Every year when I hold my SLP trainings for new SLPs in the district, their eyes glaze over with fear when I get to the topic of lesson plans. I get asked, “We have to LESSON PLAN?! Like really lesson plan??!!! But I’m not a teacher!” And I get it. I was not taught how to write a lesson plan in graduate school. I wouldn’t have had a clue where to start in my early years as an SLP.
However, it is best practice to plan out what you will be doing when working with students beyond just knowing their IEP goals. Would an architect build a house without plans? Would a teacher teach a lesson in the classroom without plans?
In our district it is left up to each individual principal to determine if a specific format is required for the lesson plans at their schools. But even the most simple lesson plan requires thoughtful preparation. And only you know the students, the objectives you want them to meet, and the scaffolds they need to be successful in their learning.
This does take time. But with some simple short cuts and a well-designed lesson plan template, you will be wowing your principal (and having a solid plan for your students) in no time!
I love using curriculum when working on goals for many reasons. First, I don’t have to search for age-appropriate activities. Second, the students understand that their work with me is not just games but connected to what they’re doing in the classroom. Third, we get major street cred from teachers as a result when they come to the same understanding. And last, our entire role in a school setting is to give students the communication skills they need to access their curriculum.
What better way than to use the curriculum itself to do this?
Our district uses the Harcourt Trophies reading series. Here is an example of how I use a story from this series and our lesson plan template to work with a group of 5th grade students who have varied speech-language goals.
Here you can put the title of the story or the activity you’re working on.
These are the things I need to do to ensure learning for each student in the group (e.g. how to access prior knowledge; questions I want to ask; vocabulary I want to target; examples of figurative language in the story; words from the story that have a student’s targeted speech sounds; connections of the content to the real world). A lot of the headings on this will stay the same for your group throughout the school year, but you will have to change your targeted words, questions, and so on to match the lesson/story.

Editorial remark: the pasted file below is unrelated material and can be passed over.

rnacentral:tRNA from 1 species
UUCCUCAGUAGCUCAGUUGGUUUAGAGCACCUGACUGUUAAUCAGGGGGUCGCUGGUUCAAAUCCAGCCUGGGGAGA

These are each student’s individual goals to accomplish during the lesson, not just their IEP goals word for word. I may just target one IEP goal per student or multiple goals within a lesson. In this example, Roberto has IEP goals for story retell and problem solving, Sammy has a goal for s/z at the reading level, Ilea has a goal for /r/ in conversation, and Sasha has goals for defining words using context clues, multiple meaning words, and figurative language.
This section can be used to remind me of cues that tend to work best for a particular student; how I want to close the activity; how I will check for learning; homework I want to assign; behavior strategies to implement; who needs fidget toys; or notes I want to share with the teacher.
Writing a lesson plan can be time-consuming, difficult and frustrating. But if you get a system down, the process will be streamlined and take just a few minutes per group.
For example, create an editable template for each of your groups. Then use shortcuts such as (1) having the SLP Actions headers pre-populated or (2) having the standards pre-populated that are aligned with the students’ goals. After selecting the activity the group will work on, differentiate the lesson based on each student’s needs and goals.
Bottom line - flying by the seat of your pants is not fun and also not effective. Sometimes it is inevitable, but if you’ve taken time as part of your professional growth to regularly map out lesson plans, eventually your brain will be wired to be thinking in this way whether you formally draft out a written lesson plan or not. Also, when it comes time to show a formal lesson plan (e.g. during your employee evaluation :) you will not stress about how to do it since you’ve practiced this skill in the past.
Start small - select one or two groups to begin with. Ideally you can select a group that is new to you, or one that you’ve had some difficulty developing lessons for in the past, or one where you go into the classroom to service. Work through some formal lesson plans with these groups, then select another couple of groups to focus on.
Planning out your lessons will ensure that your time can be spent interacting and making progress with your students, versus stressing out about scrambling for what direction to go in next. It also ensures that both you and your students are clear on the learning expectations.
If you want to try out an editable, digital lesson plan template, you can use our version here by adding to your Drive and making a copy. You can then rename the copy, edit, and add the document link to your daily data event inside of SLP Toolkit if desired. I used SLP Toolkit’s digital template to complete the lesson plan used as an example in this post. See the completed lesson plan on Iditarod Dream in it’s entirety here.